c. the bottom line, however, is that some musician's hands are not capable of playing efficiently at High/Extra High
    string tension in which case he/she would be always struggling with sound/technique and should play lower tension strings. This, however, is very rare. Muscles can be strengthened and trained. I began with medium
    tension strings, switched to high tension and then to extra hi tension. However, the extra HT restricted fluency
    and overall control and I have been playing HT strings for the last 28 years. I hope this helps.


    Play live . . . Marinero

  16. #40

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    A lot of classical guitars have no radius on their fingerboards. Totally flat. It's not ideal for bar chords. So you might search out one that has some radius in it. They are usually pretty mild radius (like 20") but it might make a big difference.The cheap Yamaha I have has none. I've built a few with 20" and they are a lot nicer. Generally classical should be easier to play. The strings are a bit higher but if it's set up well it should be easier because the tension is so low. Shout out to the Hannebach 815mt's which are really great strings.

  17. #41

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    Just last night I was playing "Natalia" by A.Lauro and noticing the dozens of barres in it...This piece and a thousand others would not be able to be executed without full and half barres...I don't know how BWV and others can claim that barres could/should be avoided !!! Where in the solar system are you from ?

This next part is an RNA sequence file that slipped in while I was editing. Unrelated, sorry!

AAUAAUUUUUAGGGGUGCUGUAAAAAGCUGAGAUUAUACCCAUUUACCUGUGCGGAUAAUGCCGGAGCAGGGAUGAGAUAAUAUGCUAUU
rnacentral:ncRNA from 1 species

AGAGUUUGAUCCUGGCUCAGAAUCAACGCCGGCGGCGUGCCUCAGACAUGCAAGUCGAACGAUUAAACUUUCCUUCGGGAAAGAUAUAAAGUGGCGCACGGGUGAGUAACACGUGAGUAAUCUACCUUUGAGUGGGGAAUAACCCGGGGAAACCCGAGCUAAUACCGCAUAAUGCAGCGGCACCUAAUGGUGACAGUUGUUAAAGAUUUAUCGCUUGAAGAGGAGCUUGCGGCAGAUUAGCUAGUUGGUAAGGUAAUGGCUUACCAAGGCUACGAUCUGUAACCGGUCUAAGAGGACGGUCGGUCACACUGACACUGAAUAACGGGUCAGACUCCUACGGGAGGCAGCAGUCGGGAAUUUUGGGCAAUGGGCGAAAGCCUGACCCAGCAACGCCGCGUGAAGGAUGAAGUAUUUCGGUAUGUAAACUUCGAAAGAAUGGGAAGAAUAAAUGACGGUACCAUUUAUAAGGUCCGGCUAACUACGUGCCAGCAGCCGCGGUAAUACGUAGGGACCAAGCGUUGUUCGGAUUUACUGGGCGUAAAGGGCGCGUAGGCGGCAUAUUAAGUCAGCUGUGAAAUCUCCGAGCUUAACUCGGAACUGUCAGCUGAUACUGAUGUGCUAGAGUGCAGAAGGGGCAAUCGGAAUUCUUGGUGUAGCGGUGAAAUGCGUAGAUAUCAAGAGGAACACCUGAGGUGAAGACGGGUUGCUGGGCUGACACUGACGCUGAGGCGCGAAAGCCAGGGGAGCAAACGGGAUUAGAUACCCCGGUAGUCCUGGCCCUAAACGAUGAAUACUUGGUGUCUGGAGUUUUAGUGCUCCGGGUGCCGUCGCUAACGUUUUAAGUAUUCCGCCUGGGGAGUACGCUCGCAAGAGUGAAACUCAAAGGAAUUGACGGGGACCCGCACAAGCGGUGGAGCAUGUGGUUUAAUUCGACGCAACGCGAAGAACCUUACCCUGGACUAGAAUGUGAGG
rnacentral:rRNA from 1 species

Again, barres are not randomly chosen and thus can be voluntarily passed up or gotten around.
    In order to play the top and bottom strings at the same time or arpeggiated with harmony/voices in between, a barre has to be used.
    Play the old A7 on the 2nd fret; the one with the open E and A on the bottom, open E on top and open G.. Now give me the same arrangement of notes all a half step higher, sounding a Bb7..You HAVE TO Barre it ! There is nothing else you can do this side of rearranging the the way the notes/voices are stacked... Now raise it to B7, C7, Db7, etc. keeping the original A7 'shape'..
    You HAVE TO barre it. Why ? Because, hello, you can't move the nut up !
    All this hoopla about strength, tension, relaxation, whether valid or not has ZERO to do with whether or not a Grande Barre or half barre is employed..The barre is an indispensable hand formation in classical guitar music, replacing the un-movable nut !
    M
    Last edited by MarkInLA; 06-20-2021 at 06:12 PM.

  18. #42

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    Never said barres could be totally avoided, but often with classical pieces there are better fingering choices. Barres require a lot of LH tension and it’s ergonomically costly to move in and out of one.

  19. #43

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    Quote Originally Posted by BWV
    Never said barres could be totally avoided, but often with classical pieces there are better fingering choices. Barres require a lot of LH tension and it’s ergonomically costly to move in and out of one.
    How dare you suggest that guitarists should avoid all barres ever!!!!!

    Etc etc

  20. #44

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    Quote Originally Posted by Christian Miller
    How dare you suggest that guitarists should avoid all barres ever!!!!!

    Etc etc
    Perhaps, C, they prefer to drink at home.
    Play live . . . Marinero

  21. #45